- The Bangko Sentral ng Pilipinas (BSP)—the central bank of the Philippines—said it is conducting research into creating a central bank digital currency.
- This is the first time the country has expressed interest in a CBDC.
- But the bank’s governor said that cash still rules—and the country is a long way behind Japan and China.
The Philippines is the latest country to express interest in developing a central bank digital currency (CBDC).
A committee has been created by the Philippine central bank, the Bangko Sentral ng Pilipinas (BSP), to study digital currencies, Bloomberg reported today. The report added that the central bank would examine their research before launching its own CBDC.
Many countries around the world are working on CBDCs or at least researching whether or not they can benefit their economies.
CBDCs—centralized forms of digital currency pegged to fiat money and controlled by governments—can have benefits, policy makers around the world are discovering. The Dutch central bank in April said that a CBDC could be “backup to payments made in private money” and a replacement for cash. Lower transaction fees and fast speeds are also perceived upsides of a CBDC.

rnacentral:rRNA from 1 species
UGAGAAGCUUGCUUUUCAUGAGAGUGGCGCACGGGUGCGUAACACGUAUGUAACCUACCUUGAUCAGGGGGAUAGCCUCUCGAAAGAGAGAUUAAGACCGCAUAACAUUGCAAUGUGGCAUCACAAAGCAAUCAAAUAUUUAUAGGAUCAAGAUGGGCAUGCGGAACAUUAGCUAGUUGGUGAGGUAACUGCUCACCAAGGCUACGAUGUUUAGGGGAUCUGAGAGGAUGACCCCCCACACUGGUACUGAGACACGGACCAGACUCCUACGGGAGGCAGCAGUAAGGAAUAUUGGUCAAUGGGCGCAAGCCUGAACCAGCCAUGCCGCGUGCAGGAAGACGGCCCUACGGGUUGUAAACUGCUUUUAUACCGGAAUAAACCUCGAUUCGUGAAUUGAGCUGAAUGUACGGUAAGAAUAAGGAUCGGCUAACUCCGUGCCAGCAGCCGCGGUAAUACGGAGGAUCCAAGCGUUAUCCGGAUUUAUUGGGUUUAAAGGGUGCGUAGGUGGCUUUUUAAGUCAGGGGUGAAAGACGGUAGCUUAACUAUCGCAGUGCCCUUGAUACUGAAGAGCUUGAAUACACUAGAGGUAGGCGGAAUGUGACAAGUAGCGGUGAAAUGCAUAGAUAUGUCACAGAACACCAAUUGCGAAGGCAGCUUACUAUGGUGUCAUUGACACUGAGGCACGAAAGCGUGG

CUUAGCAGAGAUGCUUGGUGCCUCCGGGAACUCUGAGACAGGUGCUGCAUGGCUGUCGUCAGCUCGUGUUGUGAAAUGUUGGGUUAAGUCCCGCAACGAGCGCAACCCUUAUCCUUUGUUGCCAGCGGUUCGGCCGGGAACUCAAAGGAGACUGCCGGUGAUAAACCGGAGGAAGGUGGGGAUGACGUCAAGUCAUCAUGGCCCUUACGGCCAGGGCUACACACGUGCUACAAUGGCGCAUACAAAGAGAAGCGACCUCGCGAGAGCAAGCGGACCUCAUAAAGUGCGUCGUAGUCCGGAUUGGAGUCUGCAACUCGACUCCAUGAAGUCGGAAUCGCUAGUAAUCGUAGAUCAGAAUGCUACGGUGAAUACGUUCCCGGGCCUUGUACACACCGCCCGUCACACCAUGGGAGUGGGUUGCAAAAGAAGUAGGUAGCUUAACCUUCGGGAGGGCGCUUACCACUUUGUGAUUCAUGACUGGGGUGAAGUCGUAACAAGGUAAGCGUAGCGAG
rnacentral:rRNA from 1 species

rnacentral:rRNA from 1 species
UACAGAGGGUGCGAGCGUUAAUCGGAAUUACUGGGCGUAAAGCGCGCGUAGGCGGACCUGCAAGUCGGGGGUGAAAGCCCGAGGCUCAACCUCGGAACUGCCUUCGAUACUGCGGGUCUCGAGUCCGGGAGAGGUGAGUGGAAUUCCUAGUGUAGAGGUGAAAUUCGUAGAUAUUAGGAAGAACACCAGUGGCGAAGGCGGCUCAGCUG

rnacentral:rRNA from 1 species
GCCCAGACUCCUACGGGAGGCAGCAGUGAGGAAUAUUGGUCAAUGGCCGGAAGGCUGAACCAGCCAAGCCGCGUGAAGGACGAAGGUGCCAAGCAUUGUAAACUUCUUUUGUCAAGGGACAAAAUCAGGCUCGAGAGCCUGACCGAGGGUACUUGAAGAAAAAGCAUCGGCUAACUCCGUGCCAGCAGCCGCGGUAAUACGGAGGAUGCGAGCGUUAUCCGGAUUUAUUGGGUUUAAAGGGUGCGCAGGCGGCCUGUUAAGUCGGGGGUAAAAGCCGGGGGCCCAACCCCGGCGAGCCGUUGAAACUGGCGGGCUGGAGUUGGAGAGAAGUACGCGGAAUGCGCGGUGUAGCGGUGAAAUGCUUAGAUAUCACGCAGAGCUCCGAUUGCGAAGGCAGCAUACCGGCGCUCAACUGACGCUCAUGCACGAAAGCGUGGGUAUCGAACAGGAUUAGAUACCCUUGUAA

The Philippines had not publicly expressed an interest in CBDCs until now, while neighbors China and Japan are racing towards development of their own digitalized fiats.
Today’s Bloomberg report added that the governor of the BSP, Benjamin Diokno, said findings from the study would be ready for next month.
But the report quoted Diokno saying that the demand for fiat currency in the Philippines was not going away anytime soon and that blockchain technology was what the government was really interested in.
Despite showing an interest in blockchain, the Philippines has not been friendly towards the crypto sector as of late. This month the Philippines Securities and Exchange Commision labelled the most popular Ethereum dapp in the world as an unregistered security and potential Ponzi scheme.
In Asia, China is by far the furthest ahead in the race to create a CBDC. The People’s Bank of China has stepped up efforts to release its Digital Currency Electronic Payment (DCEP) due, at least initially, to the perceived threat of Facebook’s Libra.
And in Japan, the central bank’s department director-general said earlier today that talks of a digital yen have moved “beyond the preparatory stage.”